Lincoln National Forest Manages 588 Fire on Smokey Bear Ranger District

ALAMOGORDO, RUIDOSO, NM, June 2, 2016 – Fire officials on the Lincoln National Forest have made the decision to manage the 588 Fire for multiple objectives. This lightning-caused fire was discovered on the evening of May 31 and is located about 4 miles south of Glencoe, NM. Wildfires that are ignited naturally (by lightning) may be candidates for this type of management, given the ignition occurs in the right place at the right time. Over the past two days, the fire behavior on the 588 Fire has been described as “creeping” through grass with small flames (up to 3-inches), resulting in growth to 3 acres, as of today.  The over-story is predominantly piñon juniper with some occasional ponderosa pine trees.

Management of the 588 Fire for multiple objectives can benefit the health of the forest by reducing hazardous fuel accumulations, improving wildlife habitat and restoring overall forest health. An added benefit includes improvement to cattle grazing allotments, as well.  While the fire will be able to move naturally within a predesignated area, its intensity can change as weather and fuel conditions change. Hotter, drier weather will result in increased fire behavior, while cooler, possibly wetter weather will minimize the fire behavior.  Fire intensity is expected to increase as it consumes larger-sized vegetation, such as piñon juniper trees, downed logs and branches.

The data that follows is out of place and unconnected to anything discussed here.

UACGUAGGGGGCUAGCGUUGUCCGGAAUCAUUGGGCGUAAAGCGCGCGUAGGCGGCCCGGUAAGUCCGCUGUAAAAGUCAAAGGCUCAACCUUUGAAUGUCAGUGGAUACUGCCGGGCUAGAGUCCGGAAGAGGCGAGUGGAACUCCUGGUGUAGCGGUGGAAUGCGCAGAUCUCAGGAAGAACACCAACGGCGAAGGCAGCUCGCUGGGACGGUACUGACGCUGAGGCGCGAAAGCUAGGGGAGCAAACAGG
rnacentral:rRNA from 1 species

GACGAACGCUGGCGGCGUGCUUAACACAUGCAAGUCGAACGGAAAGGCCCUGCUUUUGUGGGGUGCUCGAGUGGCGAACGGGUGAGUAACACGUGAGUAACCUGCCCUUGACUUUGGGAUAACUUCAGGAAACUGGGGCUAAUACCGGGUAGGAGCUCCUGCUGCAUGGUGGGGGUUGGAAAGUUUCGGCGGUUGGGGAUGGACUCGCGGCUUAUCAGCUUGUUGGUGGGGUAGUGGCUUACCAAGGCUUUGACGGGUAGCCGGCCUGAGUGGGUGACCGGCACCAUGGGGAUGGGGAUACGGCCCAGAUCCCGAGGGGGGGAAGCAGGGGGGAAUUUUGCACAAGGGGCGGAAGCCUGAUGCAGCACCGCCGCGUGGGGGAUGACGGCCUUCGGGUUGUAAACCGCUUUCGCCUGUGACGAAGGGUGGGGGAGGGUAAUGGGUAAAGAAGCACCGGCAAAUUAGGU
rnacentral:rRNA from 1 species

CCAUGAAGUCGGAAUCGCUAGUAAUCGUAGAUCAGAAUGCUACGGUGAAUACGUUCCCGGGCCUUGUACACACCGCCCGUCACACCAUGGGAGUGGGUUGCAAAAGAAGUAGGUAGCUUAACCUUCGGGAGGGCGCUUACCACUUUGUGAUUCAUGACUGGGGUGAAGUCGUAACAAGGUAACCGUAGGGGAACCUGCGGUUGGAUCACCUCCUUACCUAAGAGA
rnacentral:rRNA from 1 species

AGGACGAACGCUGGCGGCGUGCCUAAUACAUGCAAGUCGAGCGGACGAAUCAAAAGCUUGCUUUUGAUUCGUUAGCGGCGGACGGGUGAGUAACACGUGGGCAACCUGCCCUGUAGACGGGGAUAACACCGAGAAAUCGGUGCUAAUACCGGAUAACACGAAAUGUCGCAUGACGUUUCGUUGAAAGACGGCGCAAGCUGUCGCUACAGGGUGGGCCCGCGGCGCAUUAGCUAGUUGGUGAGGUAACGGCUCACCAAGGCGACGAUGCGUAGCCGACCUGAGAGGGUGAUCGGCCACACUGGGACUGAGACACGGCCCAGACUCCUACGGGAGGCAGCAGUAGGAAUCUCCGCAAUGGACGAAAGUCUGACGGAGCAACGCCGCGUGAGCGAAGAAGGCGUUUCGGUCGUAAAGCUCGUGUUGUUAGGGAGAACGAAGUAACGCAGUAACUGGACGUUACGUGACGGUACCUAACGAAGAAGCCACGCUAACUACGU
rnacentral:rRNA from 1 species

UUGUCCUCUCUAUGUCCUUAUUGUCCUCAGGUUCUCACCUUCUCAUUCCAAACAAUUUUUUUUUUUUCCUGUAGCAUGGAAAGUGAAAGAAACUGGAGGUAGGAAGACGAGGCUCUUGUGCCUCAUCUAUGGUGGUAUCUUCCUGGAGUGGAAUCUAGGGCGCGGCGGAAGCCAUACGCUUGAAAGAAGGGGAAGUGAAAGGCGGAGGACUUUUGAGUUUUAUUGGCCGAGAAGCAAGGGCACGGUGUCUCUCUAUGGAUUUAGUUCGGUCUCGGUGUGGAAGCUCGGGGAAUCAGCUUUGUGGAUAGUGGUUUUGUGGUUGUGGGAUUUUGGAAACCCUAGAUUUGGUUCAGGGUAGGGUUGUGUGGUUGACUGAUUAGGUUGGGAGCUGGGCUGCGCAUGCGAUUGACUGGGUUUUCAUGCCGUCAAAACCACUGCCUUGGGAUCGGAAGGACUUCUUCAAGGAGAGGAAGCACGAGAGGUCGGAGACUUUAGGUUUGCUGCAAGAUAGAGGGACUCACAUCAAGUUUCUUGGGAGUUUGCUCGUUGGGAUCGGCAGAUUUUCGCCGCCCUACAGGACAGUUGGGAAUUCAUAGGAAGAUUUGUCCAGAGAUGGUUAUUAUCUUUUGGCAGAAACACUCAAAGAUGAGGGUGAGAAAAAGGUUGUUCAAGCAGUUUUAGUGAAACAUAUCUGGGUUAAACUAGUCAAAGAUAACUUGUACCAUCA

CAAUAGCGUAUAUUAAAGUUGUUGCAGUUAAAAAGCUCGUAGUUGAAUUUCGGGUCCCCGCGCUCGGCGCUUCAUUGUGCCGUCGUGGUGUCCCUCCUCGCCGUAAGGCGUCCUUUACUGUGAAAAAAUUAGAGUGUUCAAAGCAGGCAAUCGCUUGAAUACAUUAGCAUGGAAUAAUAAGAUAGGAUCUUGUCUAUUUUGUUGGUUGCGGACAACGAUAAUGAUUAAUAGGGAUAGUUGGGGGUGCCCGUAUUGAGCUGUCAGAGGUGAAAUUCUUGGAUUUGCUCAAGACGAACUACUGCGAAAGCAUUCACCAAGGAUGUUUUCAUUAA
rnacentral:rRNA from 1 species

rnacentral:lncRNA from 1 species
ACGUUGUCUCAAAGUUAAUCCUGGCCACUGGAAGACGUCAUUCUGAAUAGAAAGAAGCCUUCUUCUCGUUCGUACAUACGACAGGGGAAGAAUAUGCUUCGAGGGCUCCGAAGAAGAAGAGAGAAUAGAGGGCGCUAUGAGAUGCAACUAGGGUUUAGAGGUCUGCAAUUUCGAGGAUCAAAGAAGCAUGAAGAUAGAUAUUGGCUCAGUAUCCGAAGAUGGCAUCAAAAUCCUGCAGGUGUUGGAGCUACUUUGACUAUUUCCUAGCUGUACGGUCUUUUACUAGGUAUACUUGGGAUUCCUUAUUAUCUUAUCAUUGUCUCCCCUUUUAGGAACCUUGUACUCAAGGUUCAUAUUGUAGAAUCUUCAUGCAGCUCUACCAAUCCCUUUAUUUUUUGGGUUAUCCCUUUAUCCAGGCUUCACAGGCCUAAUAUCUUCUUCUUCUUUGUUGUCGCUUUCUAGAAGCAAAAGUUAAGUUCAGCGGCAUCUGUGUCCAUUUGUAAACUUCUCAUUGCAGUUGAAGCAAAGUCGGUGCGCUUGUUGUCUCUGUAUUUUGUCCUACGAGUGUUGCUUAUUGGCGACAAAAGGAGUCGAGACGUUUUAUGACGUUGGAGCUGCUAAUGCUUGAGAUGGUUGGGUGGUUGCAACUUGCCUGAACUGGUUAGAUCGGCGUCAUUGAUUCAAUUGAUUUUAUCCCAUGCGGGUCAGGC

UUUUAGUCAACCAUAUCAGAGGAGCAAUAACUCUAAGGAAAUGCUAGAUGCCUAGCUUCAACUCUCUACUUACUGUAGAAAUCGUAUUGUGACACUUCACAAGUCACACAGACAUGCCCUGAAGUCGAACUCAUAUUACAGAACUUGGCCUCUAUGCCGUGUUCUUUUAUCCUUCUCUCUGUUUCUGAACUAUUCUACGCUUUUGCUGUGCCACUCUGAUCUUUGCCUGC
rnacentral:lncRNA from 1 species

“The timing for managing a fire for multiple objectives is appropriate now because we’re close to the probable end of the fire season, which is when the monsoons set up in early July, and, although we are in fire season, the pulses of cooler weather and scattered rain showers contribute to moderated fire behavior,” said Ryan Whiteaker, Forest Fire Management Officer. “It is a narrow window or timeframe during which time we can implement a strategy to manage for multiple objectives. This fire may have a lifespan of 4-6 weeks, burning at different intensities as it moves across the landscape,” Whiteaker added.

Smoke will vary and will be directly related to the amount of fuel being consumed or burned at any given time. During a wildfire, if visibility becomes lower because of smoke, please visit the NM Department of Health’s smoke page: https://nmtracking.org/fire

This fire is staffed with approximately 30 personnel from the Forest Service. In this case, the role of the firefighter is to monitor, check and direct the spread or movement of the fire. In some instances, firefighters will protect improvements such as fences, PVC water pipelines on grazing allotments, and other structures or infrastructure that are present in the general area or vicinity of the fire. Protection of these improvements is often attained by using fire to conduct low intensity “burn out” operations creating a protective barrier between the improvement and the active fire.

Fire officials expect the fire to gain size (acreage) as it spreads over land in the next few days and possibly throughout the month of June. Updates will be provided on a regular basis.  The number of personnel or resources assigned may vary, as well, depending on the fire activity. At this time, updates are being posted on www.nmfireinfo.com

For more information about the Lincoln National Forest, visit www.fs.usda.gov/lincoln follow us on Twitter: http://twitter.com/LincolnUSForest

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